And I think it's an important way of taking those kind of big vision aspects of a company and making them real. And when employees choose to get involved and feel like this is a place I want to show up and take part in because to be fair, they're making a choice. It's voluntary. It shouldn't be voluntold. And so they're choosing to spend their time and effort and resources in that way, it's an important proof point of making corporate commitments and vision statements and care-abouts real in a very demonstrable way. That sort of has this cyclical effect.
It is a way of returning value to the business because employees then feel more connected. They feel a sense of purpose.
It's a way of, when you say to an employee, we want you to bring your best self to work and show up authentically in the way that you are. This is a way of actually making those kinds of statements real, and giving employees an important outlet to put their passion and their actions into practice that is both beneficial to the communities that we're seeking to serve and support and returning value to the business.
So I see how we engage employees is right in that intersection of where social impact can be so powerful when it lives there, when we think about employees being engaged and involved, and when we're investing in the community. Something I think a lot about is that shift from while I think it's useful to create kind of this menu of opportunities approach, particularly with employees because they have different care-abouts, they have different time constraints, they have different ways they want to engage and get involved. So if you want to meet people where they are, especially now in this dynamic, ever-changing environment that we're all living in, never now more and more important.
It is important--
I'd like to think about, too, about how do we shift though from these kind of transactional surface level kinds of experiences to something that is more transformational.
People need an entry point, for sure, whether that's a volunteer experience or a giving campaign or somehow getting plugged into their workplace giving program.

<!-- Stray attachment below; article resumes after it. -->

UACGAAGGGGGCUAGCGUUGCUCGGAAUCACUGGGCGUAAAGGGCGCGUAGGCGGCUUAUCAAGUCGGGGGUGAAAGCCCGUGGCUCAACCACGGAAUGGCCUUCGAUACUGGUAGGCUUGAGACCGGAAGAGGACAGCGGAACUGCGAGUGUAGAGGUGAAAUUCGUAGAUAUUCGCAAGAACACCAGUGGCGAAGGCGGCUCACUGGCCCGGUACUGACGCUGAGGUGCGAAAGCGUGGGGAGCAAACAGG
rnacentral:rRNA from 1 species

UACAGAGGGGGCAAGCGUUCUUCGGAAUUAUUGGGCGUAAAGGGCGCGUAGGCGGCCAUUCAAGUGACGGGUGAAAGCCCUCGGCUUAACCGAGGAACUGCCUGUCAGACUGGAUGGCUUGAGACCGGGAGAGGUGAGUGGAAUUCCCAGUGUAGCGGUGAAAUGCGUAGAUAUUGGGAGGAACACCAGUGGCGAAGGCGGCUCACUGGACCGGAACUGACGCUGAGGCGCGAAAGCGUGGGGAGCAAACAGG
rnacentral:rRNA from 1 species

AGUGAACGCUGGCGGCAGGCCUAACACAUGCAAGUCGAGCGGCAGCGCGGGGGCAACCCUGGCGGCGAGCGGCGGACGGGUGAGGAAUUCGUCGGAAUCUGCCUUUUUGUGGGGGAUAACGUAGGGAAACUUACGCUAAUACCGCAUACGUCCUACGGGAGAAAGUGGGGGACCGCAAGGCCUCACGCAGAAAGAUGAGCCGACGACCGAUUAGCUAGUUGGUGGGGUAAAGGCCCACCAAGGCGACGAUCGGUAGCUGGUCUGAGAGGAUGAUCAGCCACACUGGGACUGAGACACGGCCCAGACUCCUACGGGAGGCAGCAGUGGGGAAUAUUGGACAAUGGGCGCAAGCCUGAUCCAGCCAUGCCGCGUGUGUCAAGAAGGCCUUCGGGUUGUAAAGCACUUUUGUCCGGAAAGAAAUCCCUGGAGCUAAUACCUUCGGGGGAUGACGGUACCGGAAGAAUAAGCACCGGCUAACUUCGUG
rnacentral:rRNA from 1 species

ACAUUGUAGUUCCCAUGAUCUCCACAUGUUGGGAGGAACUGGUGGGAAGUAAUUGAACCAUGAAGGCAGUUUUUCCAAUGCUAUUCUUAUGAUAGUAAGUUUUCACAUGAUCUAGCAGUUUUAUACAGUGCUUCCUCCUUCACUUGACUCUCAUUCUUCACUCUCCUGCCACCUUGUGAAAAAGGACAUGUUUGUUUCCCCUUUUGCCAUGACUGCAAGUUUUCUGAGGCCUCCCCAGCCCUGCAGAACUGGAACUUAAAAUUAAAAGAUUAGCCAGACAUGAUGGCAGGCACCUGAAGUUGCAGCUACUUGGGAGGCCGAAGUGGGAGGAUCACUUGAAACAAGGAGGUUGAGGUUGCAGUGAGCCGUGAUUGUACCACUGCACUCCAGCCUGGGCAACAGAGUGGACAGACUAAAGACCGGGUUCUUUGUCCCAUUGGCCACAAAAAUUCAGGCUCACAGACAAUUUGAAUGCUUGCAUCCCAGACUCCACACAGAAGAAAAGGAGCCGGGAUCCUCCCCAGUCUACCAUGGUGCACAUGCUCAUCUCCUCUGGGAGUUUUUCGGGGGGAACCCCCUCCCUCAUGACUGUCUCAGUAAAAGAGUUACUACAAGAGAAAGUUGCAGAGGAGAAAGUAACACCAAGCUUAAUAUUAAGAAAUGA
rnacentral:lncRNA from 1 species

They need an entry point. But ideally, if we're helping people move to something that is more transformational, that may be doing fewer things but in a deeper high quality way.
It may be doing less one-off type engagements and pursuing opportunities where we make a sustained commitment over time. And that's the type of volunteering. And getting back to what shows up on that PowerPoint slide, they may be different bullets that show up there because the quality and the transformational nature of the engagement doesn't always show up in a participation rate or a countable number of activities or dollars donated. Doesn't always reflect the transformational moment.
And I think if we think about employee as employees as being kind of co-creators, builders, designers with social impact teams into how these programs take shape and how they're executed and implemented, we want to build the capacity of employees to step up and want to engage in a deeper perhaps more meaningful way.
And so we have to be willing to take some risks, try some things out and pilot and test that may not work, and be willing to accept that there may be fewer line items on the spreadsheet but the end result may be more transformational and actually move the needle further in that larger outcome of what we want to achieve in the community.
So programs where I see that working well or companies that do that well, I think, have a healthy mix and a willingness to engage in entry level transactional work and also try to shift people into what looks and feels transformational for that company or in that community.
SAM CAPLAN: As the gaming world continues to let players bring themselves and their relationships into the virtual world, the space becomes more authentic. And authenticity tends to build on itself. The more you enable people to bring their complexity as full humans into a space, the more engaged they become. And the experience itself becomes richer and more valuable to them.
In CSR, it's the same as we create strategy and launch new programs, let's do so with that authenticity in mind. And let's continue to find ways to invite more people into the experience. Thanks for tuning in.
Submittable is a social impact platform that powers your community investment, employee engagement, and grantmaking programs. If you want to learn more about how we can help you and your team do more good, reach out today.Get in Touch